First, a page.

• Image about Food

A truly great jazz club needs super sound, a stage that everybody can see, and, of course, the charm to lure the best musicians onto its stage. A world-class piano, an evocative atmosphere, and fine food and drink are the finishing touches. What follows are our picks for the five best spots to hear the blues.

New Orleans
Having survived the Beatles, hip-hop, and even the devastation of Hurricane Katrina, Preservation Hall reopened in April 2006 after a several-months-long hiatus. Today the hall presents much of the same traditional New Orleans jazz that it did back in 1961. There's neither food nor beverage, and seating is limited, but it's only $8 per show, so you can afford to drink and dine elsewhere in the French Quarter. 726 St. Peter Street, (504) 522-2841, www.preservationhall.com

Minneapolis
On the ground floor of Target's headquarters, Dakota Jazz Club & Restaurant serves some of the finest jazz cuisine in the U.S. Award-winning chef Jack Riebel's art goes on the plate, while Dr. John, Branford Marsalis, and bluesy artists like Marcia Ball fill the stage. The club seats 145, and the adjoining restaurant behind floor-to-ceiling curtains accommodates another 145. Restaurant patrons hear without seeing - and without paying the $5 to $40 cover. 1010 Nicollet Mall, (612) 332-1010, www.dakotacooks.com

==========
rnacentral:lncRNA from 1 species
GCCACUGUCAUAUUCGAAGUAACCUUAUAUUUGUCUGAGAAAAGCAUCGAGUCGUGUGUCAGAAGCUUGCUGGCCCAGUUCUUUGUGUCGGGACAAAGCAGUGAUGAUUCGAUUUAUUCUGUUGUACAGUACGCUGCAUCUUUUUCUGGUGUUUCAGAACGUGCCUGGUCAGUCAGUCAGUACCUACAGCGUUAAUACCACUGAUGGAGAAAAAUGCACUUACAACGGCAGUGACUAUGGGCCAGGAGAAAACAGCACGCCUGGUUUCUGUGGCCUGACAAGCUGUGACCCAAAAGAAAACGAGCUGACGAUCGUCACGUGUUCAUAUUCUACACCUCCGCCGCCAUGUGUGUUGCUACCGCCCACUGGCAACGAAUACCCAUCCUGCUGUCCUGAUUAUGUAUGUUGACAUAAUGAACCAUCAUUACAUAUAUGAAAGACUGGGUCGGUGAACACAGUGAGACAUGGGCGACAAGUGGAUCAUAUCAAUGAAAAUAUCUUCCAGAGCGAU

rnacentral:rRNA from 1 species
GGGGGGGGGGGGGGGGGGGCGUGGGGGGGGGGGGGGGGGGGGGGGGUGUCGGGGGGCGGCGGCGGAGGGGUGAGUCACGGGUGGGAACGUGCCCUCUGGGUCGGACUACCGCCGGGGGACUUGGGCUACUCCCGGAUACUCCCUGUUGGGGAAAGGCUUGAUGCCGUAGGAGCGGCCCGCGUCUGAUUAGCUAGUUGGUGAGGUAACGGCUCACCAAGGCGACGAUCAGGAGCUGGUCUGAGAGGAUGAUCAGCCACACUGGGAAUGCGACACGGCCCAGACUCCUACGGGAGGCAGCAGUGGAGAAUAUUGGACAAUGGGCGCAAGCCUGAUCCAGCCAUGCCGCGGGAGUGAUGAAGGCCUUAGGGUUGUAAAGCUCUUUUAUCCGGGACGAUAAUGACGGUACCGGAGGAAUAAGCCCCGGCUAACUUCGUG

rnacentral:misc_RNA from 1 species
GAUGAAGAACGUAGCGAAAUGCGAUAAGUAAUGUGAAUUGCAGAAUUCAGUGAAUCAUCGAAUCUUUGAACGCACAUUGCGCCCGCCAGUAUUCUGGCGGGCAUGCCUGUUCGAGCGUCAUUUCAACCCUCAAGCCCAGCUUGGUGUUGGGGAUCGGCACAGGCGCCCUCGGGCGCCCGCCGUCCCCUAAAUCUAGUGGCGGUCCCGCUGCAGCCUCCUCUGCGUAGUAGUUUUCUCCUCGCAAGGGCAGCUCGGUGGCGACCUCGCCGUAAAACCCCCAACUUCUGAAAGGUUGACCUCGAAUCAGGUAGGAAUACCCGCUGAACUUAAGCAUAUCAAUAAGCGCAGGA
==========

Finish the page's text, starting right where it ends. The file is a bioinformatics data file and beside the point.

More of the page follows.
Seattle
Dimitriou's Jazz Alley Restaurant & Nightclub was started in 1979 by a former employee of D.C.'s Blues Alley, and today it presents similarly high-quality music most nights of the week. You enter from an alley in Seattle's Central Business District and pay between $22, for a local funk or R&B act, and $80, to see jazz piano giant Oscar Peterson. The club seats 350, and its menu offers a range of fresh seafood and other Pacific Northwest favorites. 2033 Sixth Avenue and Lenora, (206) 441-9729, www.jazzalley.com

San Francisco
The Bay Area's best jazz venue is the ultramodern Yoshi's Jazz Club & Japanese Restaurant in Oakland's Jack London Square. Every day of the year (excluding Thanksgiving, Christmas, and New Year's Day), fans enjoy topflight players like pianist McCoy Tyner and crossover star Taj Mahal as well as local acts. The restaurant serves a Japanese-style menu, and covers range from $10 for a local musician's weeknight gig to $35 for a weekend national touring act. 510 Embarcadero West, (510) 238-9200, www.yoshis.com

Washington, D.C.
The nation's oldest continuing jazz supper club riffs in the Georgetown district of Washington, D.C. Blues Alley opened in 1965 and has showcased the talents of Charlie "Bird" Parker, Sarah Vaughan, and a host of other jazz giants as well as current up-and-comers. Blues Alley is open seven days a week and seats 125. A cover charge of about $25 provides entry to the club's jazz and creole, steak, and seafood dinners.
1073 Wisconsin Avenue NW, (202) 337-4141, www.bluesalley.com